By any objective measure, prices for NBA Top Shot moments are still high. As I’ve talked about before, opening a new pack still guarantees investors a profit, something that can rarely be said about sealed product for physical collectibles.

NBA Top Shot prices
NBA Top Shot moment prices have dropped precipitously in recent weeks, but each pack still contains value for buyers. (Image: NBA Top Shot)

But there’s no doubt that prices on the Top Shot marketplace have come down significantly in recent weeks. And that might be a sign that the easy money has already been made in this emerging NFT market.

Top Shot prices down, demand remains high

When NBA Top Shot drops Base Set packs, they retail for $9. Even the worst possible set of three moments – high serial numbers from forgettable players like Chris Bocher and Josh Okogie – would net you somewhere in the range of $12 to $15 in the site’s marketplace. The average expected value of a pack is still significantly higher than that.

But the days of runaway prices that never seem to come down appears to be over. Many moments have lost half to two-thirds of their value from their astronomical peaks in February and March. Collectors can now buy a rookie Tyrese Haliburton jump shot – minted to 4,000 – that once fetched over $2,000 for under $800, for instance.

Anyone who pulled these moments from a pack is still making a lot of money, of course. And there’s still plenty of demand for cards that remain scarce due to the limited number of NBA Top Shot drops. But demand may be plateauing. Decypt.co reported that NBA Top Shot sales volume was actually down slightly in March: still over $200 million, but below the $218 million in sales seen in February.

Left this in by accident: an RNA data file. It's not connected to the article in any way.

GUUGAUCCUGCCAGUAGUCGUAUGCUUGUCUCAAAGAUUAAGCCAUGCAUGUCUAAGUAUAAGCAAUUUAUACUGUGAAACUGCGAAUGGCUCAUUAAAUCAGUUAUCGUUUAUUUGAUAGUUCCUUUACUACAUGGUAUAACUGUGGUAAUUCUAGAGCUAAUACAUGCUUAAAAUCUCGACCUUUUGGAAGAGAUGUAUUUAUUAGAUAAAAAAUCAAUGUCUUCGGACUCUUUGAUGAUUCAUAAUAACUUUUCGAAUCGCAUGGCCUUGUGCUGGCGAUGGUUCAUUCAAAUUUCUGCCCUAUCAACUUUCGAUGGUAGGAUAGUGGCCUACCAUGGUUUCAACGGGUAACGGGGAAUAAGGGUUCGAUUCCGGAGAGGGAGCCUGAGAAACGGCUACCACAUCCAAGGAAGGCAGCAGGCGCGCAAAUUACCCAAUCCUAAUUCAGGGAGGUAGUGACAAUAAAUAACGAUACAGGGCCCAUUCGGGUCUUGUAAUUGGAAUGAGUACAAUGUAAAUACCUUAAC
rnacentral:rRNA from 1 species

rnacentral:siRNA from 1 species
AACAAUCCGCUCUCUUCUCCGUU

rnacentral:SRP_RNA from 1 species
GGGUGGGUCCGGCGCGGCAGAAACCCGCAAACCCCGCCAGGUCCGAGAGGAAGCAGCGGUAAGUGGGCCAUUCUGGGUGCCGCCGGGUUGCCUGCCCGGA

Meanwhile, new cards continue to slowly trickle out to the market. Last week, Top Shot completed another preorder, allowing all collectors 48 hours to line up and reserve a Base Set pack. The site reported selling over 325,000 packs in the drop.

Dapper brings in big-name investment

Dapper Laps announced $305 million in new funding last week, primarily from investment firm Coatue. High-profile investors including Michael Jordan and Kevin Durant were among those pouring money into the company that runs NBA Top Shot.

According to Dapper Laps, the new money will help the company expand and bring more sports, gaming, and entertainment experiences to the Flow blockchain.

On a tangentially related note: I gained withdrawal access on my Dapper account during the past week. For those wondering how long the backlog is, I’ll note that I first submitted my request sometime in late January.

SNL talks NFTs, then creates one

On the March 27 episode of Saturday Night Live, the sketch comedy show broadcast a musical sketch about NFTs – a parody of Eminem’s “Without Me.”

But that wasn’t the end of the bit. SNL then placed an NFT – or non-fungible token – on the OpenSea marketplace. The unique, limited-to-one token also included two tickets to a taping of the show. It sold for just under 172 ETH, or about $364,000.

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